Without any doubt the buses Tri-ang produced over more than 30 years are the most collectable

Tri-ang vehicles ever. That's the reason I put a page to this web site dedicated to these fabulous buses. The first two buses came up around 1930 in the General range.



These buses had a steel chassis and a wood body.


1920s wooden London Bus - dating from the 1920s to 1930s period this Double Decker "General" London Bus is red, with white window surrounds to lower deck, "Fairy cycle" advertising to upper deck and "Triang Toys" to rear open staircase, still fitted with original tinplate radiator and 2 x circular Lines Brothers logos to front and most of the 3 x paper destination boards to upper deck on Service No.123 to Liverpool Street. This early model is fitted with painted wooden wheels and still has the paper seat covering to lower deck, which is hard to find in any condition, 53cm long.

This bus, with a length of 52 cm, was fitted with one electric light inside. It has steel disc wheels with rubber tyres , a number and destination boards, stairs and posters.



The below pictures came from a U.K. collector Mr. Samuel. ( thank you!!)

The pictures give you a perfect idea of the details of this wooden bus



1928 Buses

In 1928 Tri-ang produced three wooden General Omnibuses as shown below.

Execpt the size adn wheels , No "0" is exact as No "2".

A low priced model with polished handwood wheels, number and

destination boards, stairs and posters. Painted as No 2.

Length: 52 cm - Width:18 cm - Height: 27 cm

A large model, made to scale from drawings supplied by the L.G.O.C.

The steel discs have rubber tyres. Metal radiator and domed mydguards.

Length: 78 cm - Width:22 cm - Height: 36 cm

Just like the 1928 type "double-decker" buses.

Length: 78 cm - Width:22 cm - Height: 42 cm



The General Omnibus is much larger than the Electric bus. It has a length of 78 cm. It is remarkable that this model was made to scale from drawings supplied by L.G.O.C.

The bus has disc wheels with rubber tyres, a metal radiator and Domed mudguards.



The General Omnibus is much larger than the Electric bus. It has a length of 78 cm Pre war London Bus - impressive wooden 6 wheeled model in red, cream with a grey roof, detailed

tin printed radiator grille with "General"motif to top. Black pressed steel mudguards. "London Transport" and "Fairy Cycle advertising, running on Service No. 123.

Detailed interior with wooden seats and printed paper covering and staircase, 6 x red pressed steel wheels with rubber tyres. 74cm long

Below a really perfect restored wooden General bus. This American restorer did an outstanding job!




Double Decker Bus Brick Container - unusual Pre-war wooden box, shaped in the form of a London Transport Double Decker Bus with printed paper overlays to sides, front and rear, 4 x wooden wheels, opening hinged roof, to reveal a selection of shaped wooden blocks. The bus is fitted with a substantial metal AEC style radiator grille to front.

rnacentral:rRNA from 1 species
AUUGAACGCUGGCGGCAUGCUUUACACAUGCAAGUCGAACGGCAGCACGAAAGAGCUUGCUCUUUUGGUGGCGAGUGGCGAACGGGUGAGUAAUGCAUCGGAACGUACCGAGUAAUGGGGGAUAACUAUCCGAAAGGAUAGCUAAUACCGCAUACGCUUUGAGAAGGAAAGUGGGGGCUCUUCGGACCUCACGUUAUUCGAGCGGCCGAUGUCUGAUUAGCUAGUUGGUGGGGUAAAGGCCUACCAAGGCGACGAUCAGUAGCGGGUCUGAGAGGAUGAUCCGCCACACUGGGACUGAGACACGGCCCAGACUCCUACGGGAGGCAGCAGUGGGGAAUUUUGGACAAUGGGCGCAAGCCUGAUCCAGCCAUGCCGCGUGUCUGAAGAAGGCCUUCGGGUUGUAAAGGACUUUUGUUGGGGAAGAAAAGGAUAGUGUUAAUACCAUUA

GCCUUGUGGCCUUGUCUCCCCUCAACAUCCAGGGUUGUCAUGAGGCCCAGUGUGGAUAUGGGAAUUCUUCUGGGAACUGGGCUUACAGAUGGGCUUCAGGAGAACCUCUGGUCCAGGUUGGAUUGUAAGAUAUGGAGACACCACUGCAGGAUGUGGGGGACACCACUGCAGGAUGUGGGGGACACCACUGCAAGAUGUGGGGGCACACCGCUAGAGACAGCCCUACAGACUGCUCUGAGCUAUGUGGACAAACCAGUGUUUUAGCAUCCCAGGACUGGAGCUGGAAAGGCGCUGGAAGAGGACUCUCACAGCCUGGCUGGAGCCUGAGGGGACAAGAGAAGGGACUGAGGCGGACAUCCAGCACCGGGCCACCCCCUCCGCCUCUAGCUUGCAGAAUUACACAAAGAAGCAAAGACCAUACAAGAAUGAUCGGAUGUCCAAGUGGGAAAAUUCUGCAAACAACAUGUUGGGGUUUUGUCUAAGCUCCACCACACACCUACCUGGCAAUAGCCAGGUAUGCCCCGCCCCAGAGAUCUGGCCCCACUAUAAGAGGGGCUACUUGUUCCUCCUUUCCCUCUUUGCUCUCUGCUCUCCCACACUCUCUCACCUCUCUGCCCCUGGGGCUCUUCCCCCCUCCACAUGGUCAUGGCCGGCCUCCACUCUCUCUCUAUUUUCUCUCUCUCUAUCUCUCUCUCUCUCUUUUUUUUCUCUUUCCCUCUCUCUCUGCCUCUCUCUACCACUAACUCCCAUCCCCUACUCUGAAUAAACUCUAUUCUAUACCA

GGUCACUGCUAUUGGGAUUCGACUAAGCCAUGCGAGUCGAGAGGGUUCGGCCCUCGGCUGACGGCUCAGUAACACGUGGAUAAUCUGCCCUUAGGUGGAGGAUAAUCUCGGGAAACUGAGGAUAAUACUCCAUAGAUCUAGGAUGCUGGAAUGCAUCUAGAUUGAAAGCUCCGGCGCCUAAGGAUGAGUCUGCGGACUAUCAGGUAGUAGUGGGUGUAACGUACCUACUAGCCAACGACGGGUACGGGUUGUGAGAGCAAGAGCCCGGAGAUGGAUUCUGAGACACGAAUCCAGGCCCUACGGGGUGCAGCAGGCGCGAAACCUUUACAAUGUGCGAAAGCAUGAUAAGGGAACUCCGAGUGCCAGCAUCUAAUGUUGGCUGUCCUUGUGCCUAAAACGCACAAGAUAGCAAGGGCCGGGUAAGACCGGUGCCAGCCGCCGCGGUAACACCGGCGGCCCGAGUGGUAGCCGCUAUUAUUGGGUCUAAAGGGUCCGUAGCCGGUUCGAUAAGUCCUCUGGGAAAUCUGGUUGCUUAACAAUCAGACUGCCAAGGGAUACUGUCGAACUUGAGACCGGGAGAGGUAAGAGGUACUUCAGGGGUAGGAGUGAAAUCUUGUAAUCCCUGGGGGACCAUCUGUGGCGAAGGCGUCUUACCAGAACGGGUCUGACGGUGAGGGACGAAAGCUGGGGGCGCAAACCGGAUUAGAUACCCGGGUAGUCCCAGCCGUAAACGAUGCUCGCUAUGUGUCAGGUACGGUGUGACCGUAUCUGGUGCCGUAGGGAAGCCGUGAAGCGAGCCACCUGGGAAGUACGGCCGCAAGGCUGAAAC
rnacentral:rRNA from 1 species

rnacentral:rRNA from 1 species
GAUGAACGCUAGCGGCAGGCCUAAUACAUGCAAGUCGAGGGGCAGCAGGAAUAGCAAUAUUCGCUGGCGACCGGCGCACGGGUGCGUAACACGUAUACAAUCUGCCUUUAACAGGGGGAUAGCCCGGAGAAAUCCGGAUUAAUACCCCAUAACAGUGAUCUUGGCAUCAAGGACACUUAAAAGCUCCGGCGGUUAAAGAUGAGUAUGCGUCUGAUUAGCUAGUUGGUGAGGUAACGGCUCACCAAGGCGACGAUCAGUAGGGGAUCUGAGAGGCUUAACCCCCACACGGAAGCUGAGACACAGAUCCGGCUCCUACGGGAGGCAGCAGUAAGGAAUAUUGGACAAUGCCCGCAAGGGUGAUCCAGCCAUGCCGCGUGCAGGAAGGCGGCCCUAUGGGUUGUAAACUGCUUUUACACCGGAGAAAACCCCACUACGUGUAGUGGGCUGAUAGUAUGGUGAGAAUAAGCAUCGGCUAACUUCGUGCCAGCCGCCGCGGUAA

An unusual example with Fairycycle advertisements, 47cm long.

roof with hinge

The Bus collcection of Tri-ang authority Nigel H Robershaw. ( thank you for the picture Nigel)

1957 BUSES

In 1957 Tri-ang introduced their fantastic Double deck buses. Tri-ang produced their fabulous buses for several years in England(Belfast)  as well as in Australia.

The official code in the catalogue was T. M. 3905 L.T.B. Tri-ang made various different models.

The most common is the red one with large yellow transfers on both sides. Also red is the Manchester bus sometimes with a white upper deck

The Glasgow Double Decker has a white roof, a green middle deck and pink lower deck. Another bus is the Birmingham bus in blue en white



The early double deck buses were fitted with the wheels we know from the Diesel series.

Later on they were replaced by the regular 300 wheels and tyres and were fitted with axles and nuts.


1960-1963 BUS

Later on they were replaced by the regular 300 wheels and tyres and were fitted with axles and

(push) nuts.  An English friend found in an old toy shop a big stock of these push nuts.

Brand new! If you are in need for these push nuts, sent us an email.

The buses had weather blue or white seats.

Probably due to the unwise decision to take the big route masters from London's roads, the prices for the Tri-ang buses are heavily increasing.

regular nut

brand new push nuts



Epsom and Putney were the main destinations Tri-ang used on all its Double deck buses.(Except on the Manchester, Glasgow and Birmingham bus) In stead of what some Ebay ers tell in their auctions non of these destinations are rare. On each bus there is a LIB4242 decal. ( LIB means Lines Bros)

All these decals are water slide decals. As with other items, Tri-ang was incongruent with these decals. Perhaps to save costs some buses have paper destination transfers.

The large yellow/black  "Railways" and "Pedigree" advertisements are paper posters.  A complete set is available in our decal section.